Ep153: John Swolfs – Never Be Afraid to Ask a Financial Advisor When It Comes to Your Money

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Guest profile

John Swolfs is CEO at Inside ETFs. Previously, he worked at BlackRock’s, one of the world’s largest asset managers, iShares team as a business development associate. In his previous role, Swolfs worked closely with both the Registered Investment Advisors (RIAs) and Independent Advisor community to help promote the use of ETFs and index investing. Before joining iShares, he worked as a financial advisor at Merrill Lynch. Swolfs is a graduate of SUNY Albany, where he majored in U.S. history. And a little bit of trivia, John worked for two years for the New York Mets.


“Before you invest, get professional help. It’s out there, it’s accessible, take advantage of it.”

John Swolfs


Worst investment ever

John’s worst investment happened when, despite being an expert in investing, he started believing that he could time the market.

The financial advisor who wouldn’t listen to his advice

John is always talking to his clients about thinking long-term and investing for the future. He has always advised them to do what’s right for their portfolio and not to worry about what’s happening in the market.

He, however, took all of that knowledge and information and said that it was not for him. He ditched his thinking and decided to get tactical. He believed that he was smarter than anyone, i.e., that he was smarter than the market.

To his clients, he would have told them that they can’t do that, that that’s foolish. That they need to build a position that allows them to be diversified and ride the markets out. But when it came to himself making the investment move, he thought he didn’t need to follow his own advice.

Buying gold in a murky market

John invested in gold in 2012, a time when there were a lot of concerns about inflation as the world was still not out of the global financial crisis.

Against his better judgment, he bought $15,000 worth of gold, believing that the market would eventually pick up. The price of this investment has been going down since the day he bought it. It still pains him to have foolishly lost all that money.

Lessons learned

Stick with your allocations

If you are building a strategic plan for your asset allocation, stick with it.

Avoid personal bias

Don’t let personal bias or emotional attachment get you stuck with an investment for too long.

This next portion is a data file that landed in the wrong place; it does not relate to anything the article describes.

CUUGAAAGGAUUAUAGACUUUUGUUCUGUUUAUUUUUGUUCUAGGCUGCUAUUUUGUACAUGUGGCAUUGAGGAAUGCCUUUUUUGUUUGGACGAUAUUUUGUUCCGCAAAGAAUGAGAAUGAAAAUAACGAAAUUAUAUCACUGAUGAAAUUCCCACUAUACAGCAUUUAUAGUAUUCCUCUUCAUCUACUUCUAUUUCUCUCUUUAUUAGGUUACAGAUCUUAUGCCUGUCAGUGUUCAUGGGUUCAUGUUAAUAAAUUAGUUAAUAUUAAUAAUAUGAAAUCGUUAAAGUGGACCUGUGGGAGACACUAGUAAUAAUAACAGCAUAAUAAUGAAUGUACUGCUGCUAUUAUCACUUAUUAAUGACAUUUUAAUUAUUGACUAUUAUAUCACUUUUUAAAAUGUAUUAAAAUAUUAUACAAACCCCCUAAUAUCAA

Diversify your portfolio

Opportunity cost is real when it comes to investing. Build an allocation that allows you to be diversified and ride the markets out.

Don’t ever think that you’re smarter than the market

You’ll never be smarter than the market, so always do your homework, and don’t forget your risk management lessons.

Andrew’s takeaways

Fear is dangerous when it comes to investing

Fear can be very dangerous and can hold you back from making solid investment decisions. When you start building a scary scenario of what could be happening in the markets, you start getting confirmation bias. You only find research and people talking about the bad scenario. You’ll keep building upon this fear, and you can easily get caught up in it and end up being driven by emotion or flawed thinking.

Equity should be your core asset

Build up your investment account over 20, 30, or 40 years and diversify across asset classes, such as commodities, fixed income, etc. This way you’ll be able to manage your cash flow as well as the movement of your overall portfolio.

Actionable advice

Get help from a financial advisor. Go to a professional who will keep you on track and guide you on the best way to invest your money.

No. 1 goal for next the 12 months

John’s main goal for the next 12 months is to get all his asset allocations consolidated. He wants to hire a wealth management advisor or a Robo advisor, who will get him back on the right path. Currently, his assets are scattered all over the place.

Parting words


“You can’t control the market. So control what you can, and that’s typically cost, taxes, and risk. And if you do that, you’ll be ahead of the game. Control what you can and let the markets do their thing.”

John Swolfs

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About the show & host, Andrew Stotz

Welcome to My Worst Investment Ever podcast hosted by Your Worst Podcast Host, Andrew Stotz, where you will hear stories of loss to keep you winning. In our community, we know that to win in investing you must take the risk, but to win big, you’ve got to reduce it.

Your Worst Podcast Host, Andrew Stotz, Ph.D., CFA, is also the CEO of A. Stotz Investment Research and A. Stotz Academy, which helps people create, grow, measure, and protect their wealth.

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